If you are interested in retro computing, you ought to have a look at the ZX-Uno board. It hosts a Spartan 6 FPGA. They are for sale, but the design is open source and all the info is available if you prefer to roll your own or make modifications. You can see a video of the board in action, below (as explained in the video, the color issues are due to the capture card trying to deal with the non-standard sync rate).
Here are the key specifications:
FPGA Xilinx Spartan XC6SLX9-2TQG144C
Static Memory 512Kb, AS7C34096A-10TIN
Video output (composite)
Stereo audio jack
EAR jack connector (for reading cassette tapes)
Connectors for JTAG and RGB
Slot for SD Cards
Expansion port with 3 male pin strips
Micro-USB power connector
PCB Size: 86×56 mm. (Compatible with Raspberry Pi cases)
If you come from somewhere with a tradition of eating a meal of roast turkey or goose to celebrate Christmas, Thanksgiving, or other holidays, then maybe you’ve encountered the three-bird roast, or Turducken. A deboned duck is stuffed with a deboned chicken, and in turn the combination is stuffed into a turkey All the gaps are filled with sausage meat stuffing, and the resulting combination is roasted for a serious meat-fest. Vegetarians, please look away.
It’s something of an excess of poultry, but the three-bird roast is a delicacy that definitely works. We’re not so sure about the link that prompted this journey into celebration poultry dishes by reminding us of a turducken, but we’ll leave the verdict to you the reader. Someone has created an unholy turducken-style chain of emulators that delivers a Sinclair ZX Spectrum on a Linux machine via Windows, DOS, and the Commodore 64. If it had its own word like the poultry dish it might be a Linwindoscomtrum, but let’s not go there.
So how have they done it? First, they took Lubuntu, and installed WINE. (OK, Wine Is Not an Emulator, we know that, but go with the story for a moment) Then they installed DOSBox under WINE for a DOS command prompt, and ran no$C64, a Commodore 64 emulator. On that they ran the c642spec Sinclair ZX Spectrum emulator, and finally arrived in a ZX BASIC prompt.
The author does make the point at the start of the write-up that it’s a waste of ten minutes, but even though the result is an overly complex way to slowly emulate an archaic home computer on a modern one we’ll still give them ten out of ten for the effort.
Incidentally, the author does not identify themself and there is little clue in the form of the rest of the site to identify them, so unusually for a Hackaday piece we can not give credit where it is due. We do however salute the anonymous emulator pilot for their glorious folly.
Here’s a cool crowdfunding campaign that somehow escaped the Hackaday Tip Line. It’s a remote control SpaceShipOne and White Knight. SpaceShipOne is a ducted fan that has the high-drag feathering mechanism, while White Knight is a glider. Very cool, and something we haven’t really seen in the scratchbuilding world.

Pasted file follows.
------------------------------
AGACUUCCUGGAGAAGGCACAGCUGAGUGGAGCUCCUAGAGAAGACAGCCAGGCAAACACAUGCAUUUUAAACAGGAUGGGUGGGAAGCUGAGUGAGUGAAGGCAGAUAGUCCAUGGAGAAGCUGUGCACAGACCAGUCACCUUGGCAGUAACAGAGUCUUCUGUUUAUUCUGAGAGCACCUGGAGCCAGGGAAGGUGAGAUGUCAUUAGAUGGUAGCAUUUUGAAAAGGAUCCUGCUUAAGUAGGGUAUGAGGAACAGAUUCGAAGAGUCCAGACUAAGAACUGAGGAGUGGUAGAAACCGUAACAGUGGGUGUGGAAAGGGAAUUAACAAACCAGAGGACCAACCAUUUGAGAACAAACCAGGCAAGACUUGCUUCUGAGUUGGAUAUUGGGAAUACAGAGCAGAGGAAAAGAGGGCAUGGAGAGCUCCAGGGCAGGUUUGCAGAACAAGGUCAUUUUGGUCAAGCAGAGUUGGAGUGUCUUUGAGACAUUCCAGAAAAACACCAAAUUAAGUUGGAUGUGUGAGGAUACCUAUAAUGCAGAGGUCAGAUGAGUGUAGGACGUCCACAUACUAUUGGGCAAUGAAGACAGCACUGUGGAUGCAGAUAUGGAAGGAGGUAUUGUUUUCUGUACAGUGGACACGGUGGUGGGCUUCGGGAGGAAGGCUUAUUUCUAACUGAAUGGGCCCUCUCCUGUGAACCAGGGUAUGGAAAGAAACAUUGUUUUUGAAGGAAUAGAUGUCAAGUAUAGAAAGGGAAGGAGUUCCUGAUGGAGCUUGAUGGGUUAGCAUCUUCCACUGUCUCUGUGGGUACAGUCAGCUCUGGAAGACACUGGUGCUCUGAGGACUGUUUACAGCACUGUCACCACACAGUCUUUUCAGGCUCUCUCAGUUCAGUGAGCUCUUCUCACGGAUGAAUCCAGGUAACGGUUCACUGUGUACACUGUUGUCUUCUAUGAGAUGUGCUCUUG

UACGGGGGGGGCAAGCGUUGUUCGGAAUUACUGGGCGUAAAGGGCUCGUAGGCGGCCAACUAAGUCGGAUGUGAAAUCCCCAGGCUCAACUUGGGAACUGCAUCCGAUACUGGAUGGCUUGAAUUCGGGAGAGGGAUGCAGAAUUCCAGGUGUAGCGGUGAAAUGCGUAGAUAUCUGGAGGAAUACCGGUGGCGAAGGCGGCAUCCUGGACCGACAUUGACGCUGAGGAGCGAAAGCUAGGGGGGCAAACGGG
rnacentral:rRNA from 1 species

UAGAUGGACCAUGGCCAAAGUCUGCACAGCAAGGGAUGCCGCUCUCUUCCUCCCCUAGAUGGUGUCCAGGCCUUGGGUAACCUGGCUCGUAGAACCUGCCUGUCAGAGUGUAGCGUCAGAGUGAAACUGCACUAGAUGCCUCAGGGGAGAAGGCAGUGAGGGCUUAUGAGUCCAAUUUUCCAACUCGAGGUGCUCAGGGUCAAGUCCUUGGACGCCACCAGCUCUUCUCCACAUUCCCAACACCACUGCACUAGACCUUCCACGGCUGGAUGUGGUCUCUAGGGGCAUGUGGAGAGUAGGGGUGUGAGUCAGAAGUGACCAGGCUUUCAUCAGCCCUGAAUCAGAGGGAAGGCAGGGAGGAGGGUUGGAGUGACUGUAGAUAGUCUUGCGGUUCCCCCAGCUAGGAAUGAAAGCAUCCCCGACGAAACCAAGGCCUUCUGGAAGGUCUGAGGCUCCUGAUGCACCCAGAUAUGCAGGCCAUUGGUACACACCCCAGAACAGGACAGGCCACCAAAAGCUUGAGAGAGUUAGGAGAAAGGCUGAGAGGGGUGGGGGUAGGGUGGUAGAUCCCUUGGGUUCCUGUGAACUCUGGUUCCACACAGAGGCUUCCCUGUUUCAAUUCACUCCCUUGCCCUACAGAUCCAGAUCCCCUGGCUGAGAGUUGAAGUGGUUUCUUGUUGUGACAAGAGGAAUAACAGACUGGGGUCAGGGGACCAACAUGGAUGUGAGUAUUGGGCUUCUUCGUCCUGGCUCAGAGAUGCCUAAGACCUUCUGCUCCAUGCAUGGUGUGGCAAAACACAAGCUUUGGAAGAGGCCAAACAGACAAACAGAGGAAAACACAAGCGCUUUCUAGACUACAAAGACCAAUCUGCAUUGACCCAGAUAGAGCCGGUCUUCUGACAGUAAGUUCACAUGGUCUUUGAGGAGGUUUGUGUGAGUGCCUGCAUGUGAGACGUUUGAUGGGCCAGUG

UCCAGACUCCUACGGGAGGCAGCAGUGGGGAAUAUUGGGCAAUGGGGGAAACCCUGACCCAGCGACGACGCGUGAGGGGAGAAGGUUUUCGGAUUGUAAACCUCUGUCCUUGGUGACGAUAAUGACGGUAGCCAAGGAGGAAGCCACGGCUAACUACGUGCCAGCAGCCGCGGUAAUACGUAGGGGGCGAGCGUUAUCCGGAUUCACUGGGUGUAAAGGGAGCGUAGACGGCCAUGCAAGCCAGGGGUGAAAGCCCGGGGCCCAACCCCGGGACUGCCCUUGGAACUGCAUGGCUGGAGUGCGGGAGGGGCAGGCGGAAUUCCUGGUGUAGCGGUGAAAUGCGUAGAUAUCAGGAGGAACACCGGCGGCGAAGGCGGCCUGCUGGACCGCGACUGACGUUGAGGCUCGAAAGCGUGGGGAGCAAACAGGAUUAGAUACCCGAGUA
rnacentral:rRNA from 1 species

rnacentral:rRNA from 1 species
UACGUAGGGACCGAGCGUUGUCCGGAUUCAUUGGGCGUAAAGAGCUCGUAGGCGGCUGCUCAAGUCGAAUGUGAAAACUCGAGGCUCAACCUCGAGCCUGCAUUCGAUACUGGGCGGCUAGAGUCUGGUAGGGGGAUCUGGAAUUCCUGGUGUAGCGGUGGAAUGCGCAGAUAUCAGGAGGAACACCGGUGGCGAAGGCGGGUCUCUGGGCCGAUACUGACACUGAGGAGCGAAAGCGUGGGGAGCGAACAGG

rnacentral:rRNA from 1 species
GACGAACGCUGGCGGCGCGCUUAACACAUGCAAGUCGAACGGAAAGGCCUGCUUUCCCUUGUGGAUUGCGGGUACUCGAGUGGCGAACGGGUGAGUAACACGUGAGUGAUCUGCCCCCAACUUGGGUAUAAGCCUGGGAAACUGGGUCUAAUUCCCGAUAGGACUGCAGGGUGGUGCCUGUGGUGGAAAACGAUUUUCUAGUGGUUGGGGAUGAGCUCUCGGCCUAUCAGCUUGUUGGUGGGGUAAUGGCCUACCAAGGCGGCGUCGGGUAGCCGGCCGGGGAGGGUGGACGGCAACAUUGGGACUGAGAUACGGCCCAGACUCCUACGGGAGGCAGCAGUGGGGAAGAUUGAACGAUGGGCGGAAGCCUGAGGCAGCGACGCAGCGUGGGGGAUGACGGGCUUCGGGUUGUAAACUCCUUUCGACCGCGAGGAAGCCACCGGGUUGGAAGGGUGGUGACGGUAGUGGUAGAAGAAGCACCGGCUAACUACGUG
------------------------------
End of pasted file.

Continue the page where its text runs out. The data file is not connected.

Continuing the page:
[Sink] has a Makerbot Digitizer – the Makerbot 3D scanner – and a lot of time on his hands. He printed something, scanned it, printed that scan… you get the picture. It’s a project called Transcription Error.
The Apple ][, The Commodore 64, and the Spectrum. The three kings. Apple will never license their name for retro computer hardware, and there will never be another computer sold under the Commodore label. The Spectrum, though… The Sinclair ZX Spectrum Vega is a direct-to-TV console in the vein of [Jeri Ellisworth]’s C64 joystick doohickey.
Infinity mirrors are simple enough to make; they’re just one mirror, some LEDs, and another piece of glass. How about a 3D infinity mirror? They look really, really cool.
[Martin] grew up in the days of computer magazines, and originally wanted to build his own computer. That plan didn’t work out, but his parents did get him a Speccy in 1986, but the love of old hardware is still there. Over the years, this evolved into computer collecting, with the old ZX Spectrum, an Commodore 64, ORICs, and Acorns rounding out his collection. As we learned at the Computeum, there the middle of Europe had computers that just aren’t seen on the English-speaking Internet, and [Martin]’s collection is no exception.
In addition to doing some very cool stuff for some very old computers, [Martin] also donated something to the Hackaday Hackaspace. It’s a PMI-80, a single board computer made for university computer science students, and basically a KIM-1, but based on a Czechoslovak clone of the Intel 8080 made by Tesla. There is 1k of RAM and 1k of ROM on this board, a calculator keypad, and a few seven segment displays. For the time, it was a great ‘student’ computer, and not really rare in Europe, but this is the first one I’ve seen on my side of the Atlantic.
You can see some pics of the PMI-80 below with [Martin]’s interview. [Martin] also promised to write-up a short history of classic central european computers, a subject there isn’t much written about in the anglosphere. We’ll post a link to that when he finishes that up.